problems affecting staff include having unclear standards and
responsibilities, excessive workloads, complex patients, lack of
feedback or appraisal, as well as lack of resources and lack of
support for a particular role, for example as a teacher (Steinert,
2008). Organisation can have a culture of fault-finding, criticism
How to deal with difficult colleagues
Chances of success in changing behaviours: three
First decide whether you are likely to succeed in getting this
‘difficult colleague’ to change their behaviour towards you by
asking these questions (Houghton, 2005):
- Has this person taken an active part in
causing the problem?
- Does this person consistently cause
- Is there a consensus that this person
generally causes problems?
If the answers are ‘yes’, Houghton advises asking yourself what
the chances are that this person will modify their behaviour for
you. The following tips may help you to decide how to proceed.
Assessment (adapted from Garelick & Fagin,
- What is the difficulty?
- What are the issues (specific or general, type)?
- Why has the problem arisen?
- Is it affecting other people?
- Is it a professional or performance issue?
- Is it a personal or an organisational issue presenting as a
- Has anyone else had similar difficulties?
- What was the situation before the current difficulty?
- What is the nature of the relationship between the parties
having difficulty (peers, senior and junior, other)?
- What has already been tried to resolve the situation?
- Who could you approach for advice and support?
- Are you being bullied or are you whistle-blowing? (see the
Psychiatrist Support Service guide 6 On Bullying and Harassment,
and guide 3 On Whistle-Blowing and Passing on Concerns)
The GMC has guidance on Raising and acting on concerns about
patient safety (2012). Recommended reading: Understanding doctors’
performance by Cox et al (2006).
Managing difficulties between colleagues
(Adapted from Garelick & Fagin, 2004)
- Don’t avoid the issue hoping it will go away
- Try to see the difficulty from the other person’s
- Have an informal chat over a cup of coffee with a friend or
- Share the problem with an independent and trusted
- Find time to deal with the issues
- Find a local supporter/mentor
- Be prepared to learn from your mistakes.
Managing difficulties in trainees
A framework for the management of trainees in difficulty is
available from the National Association of Clinical Tutors (2013).
The process includes:
- assessing trigger or event (Is patient safety affected? Does
this really matter and need attention? Do you need advice about
this? Who is the best person to give advice?)
- defining the problem (investigate and collect information from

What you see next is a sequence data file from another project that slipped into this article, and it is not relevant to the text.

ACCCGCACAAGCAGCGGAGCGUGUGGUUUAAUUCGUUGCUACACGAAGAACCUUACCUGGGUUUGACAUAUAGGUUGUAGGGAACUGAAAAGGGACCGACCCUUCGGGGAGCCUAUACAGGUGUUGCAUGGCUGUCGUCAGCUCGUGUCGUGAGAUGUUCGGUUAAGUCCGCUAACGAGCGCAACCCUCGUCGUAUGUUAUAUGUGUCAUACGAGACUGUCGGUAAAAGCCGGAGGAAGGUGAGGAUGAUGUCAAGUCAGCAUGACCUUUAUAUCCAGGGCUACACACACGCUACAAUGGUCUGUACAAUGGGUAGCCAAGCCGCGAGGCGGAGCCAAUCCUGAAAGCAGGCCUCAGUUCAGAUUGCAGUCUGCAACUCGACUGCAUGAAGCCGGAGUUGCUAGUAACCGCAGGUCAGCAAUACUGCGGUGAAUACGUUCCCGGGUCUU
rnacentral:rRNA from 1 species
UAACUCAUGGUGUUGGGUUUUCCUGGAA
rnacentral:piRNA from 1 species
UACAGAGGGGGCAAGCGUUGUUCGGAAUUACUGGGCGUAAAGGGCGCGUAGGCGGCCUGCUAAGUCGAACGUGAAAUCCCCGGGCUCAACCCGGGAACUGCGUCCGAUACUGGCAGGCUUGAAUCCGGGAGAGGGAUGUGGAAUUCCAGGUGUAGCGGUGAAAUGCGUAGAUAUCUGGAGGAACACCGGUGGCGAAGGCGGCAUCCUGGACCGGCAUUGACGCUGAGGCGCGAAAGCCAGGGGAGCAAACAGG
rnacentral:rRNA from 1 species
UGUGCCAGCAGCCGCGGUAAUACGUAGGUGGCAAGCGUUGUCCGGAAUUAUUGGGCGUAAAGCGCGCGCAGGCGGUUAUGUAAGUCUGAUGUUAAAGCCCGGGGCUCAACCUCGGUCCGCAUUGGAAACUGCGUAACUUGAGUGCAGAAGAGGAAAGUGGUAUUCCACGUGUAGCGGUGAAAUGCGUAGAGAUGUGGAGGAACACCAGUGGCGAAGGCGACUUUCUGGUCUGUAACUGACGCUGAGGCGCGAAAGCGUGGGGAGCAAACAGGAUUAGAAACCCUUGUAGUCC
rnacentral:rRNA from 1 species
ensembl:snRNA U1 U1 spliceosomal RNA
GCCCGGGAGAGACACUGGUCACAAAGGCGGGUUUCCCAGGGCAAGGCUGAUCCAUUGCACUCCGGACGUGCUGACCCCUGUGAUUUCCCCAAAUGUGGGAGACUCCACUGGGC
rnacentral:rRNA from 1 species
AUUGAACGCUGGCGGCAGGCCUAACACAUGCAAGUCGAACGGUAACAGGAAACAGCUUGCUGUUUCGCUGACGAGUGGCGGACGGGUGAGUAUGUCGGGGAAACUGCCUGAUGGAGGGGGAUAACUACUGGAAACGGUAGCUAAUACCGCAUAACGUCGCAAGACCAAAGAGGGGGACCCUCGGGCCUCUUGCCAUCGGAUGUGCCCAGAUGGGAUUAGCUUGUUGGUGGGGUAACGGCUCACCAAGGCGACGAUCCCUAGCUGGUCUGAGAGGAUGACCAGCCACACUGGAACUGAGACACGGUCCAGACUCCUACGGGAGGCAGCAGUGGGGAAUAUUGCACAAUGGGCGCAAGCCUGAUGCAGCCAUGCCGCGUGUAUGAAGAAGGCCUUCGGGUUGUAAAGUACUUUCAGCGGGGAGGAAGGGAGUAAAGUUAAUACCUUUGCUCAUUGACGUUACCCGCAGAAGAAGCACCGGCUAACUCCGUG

several sources; keep records and avoid reaching hasty
- deciding whether the cause is an individual or organisational
issue, or both.
A framework for managing trainees in difficulty in Scotland
includes 10 guiding principles, a classification system and
examples of resources for remediation (Anderson et al, 2011).
For serious concerns
- Seek advice from the clinical and medical directors
- Consider contacting the human resources department
- Keep records of events, contacts and actions taken
- Obtain advice from your defence organisation
- For advice and support on resolving performance concerns about
doctors, dentists and pharmacists, contact the National Clinical Assessment
The Psychiatrists Support Service
The Psychiatrists' Support Service is a free,
confidential support and advice service for psychiatrists at all
stages of their career who find themselves in difficulty or in need
of support. The service is available during office hours Monday to
Friday. To contact the service, telephone: 020 7245 0412 or email:
- ANDERSON, F., CACHIA, P.G., MONIE, R., & CONNACHER, A.A.
(2011) Supporting trainees in difficulty: a new approach for
Scotland. Scottish Medical Journal,
- COX, J., KING, J., HUTCHINSON, A., MCAVOY, P., Understanding
Doctors’ Performance, Radcliffe Publishing. Oxford, 2006.
- GARELICK, G. & FAGIN, L. (2004) Doctor to doctor: getting
on with colleagues. Advances in Psychiatric Treatment,
- GMC 920120 Raising and acting on concerns about patient safety.
Last accessed: 15.04.17
- GRAY, C. (1997) Dealing with difficult bosses. BMJ
Careers, 314, 2.
- HOUGHTON, A. (2005) Personal support 4: Helping each other deal
with tricky relationships. BMJ Careers,
- NATIONAL ASSOCIATION OF CLINICAL TUTORS (2013) Managing
Trainees in Difficulty (version 3). Practical Advice for
Educational and Clinical Supervisors. NACT UK
- OBHOLZER, A. & ROBERTS, V. Z. (1994) The Unconscious at
Work: Individual and Organizational Stress in the Human Services.
- STEINERT, Y. (2008) The ‘problem’ junior: whose problem is it?
BMJ, 336, 150–153.
Copyright: The Royal College of Psychiatrists 2017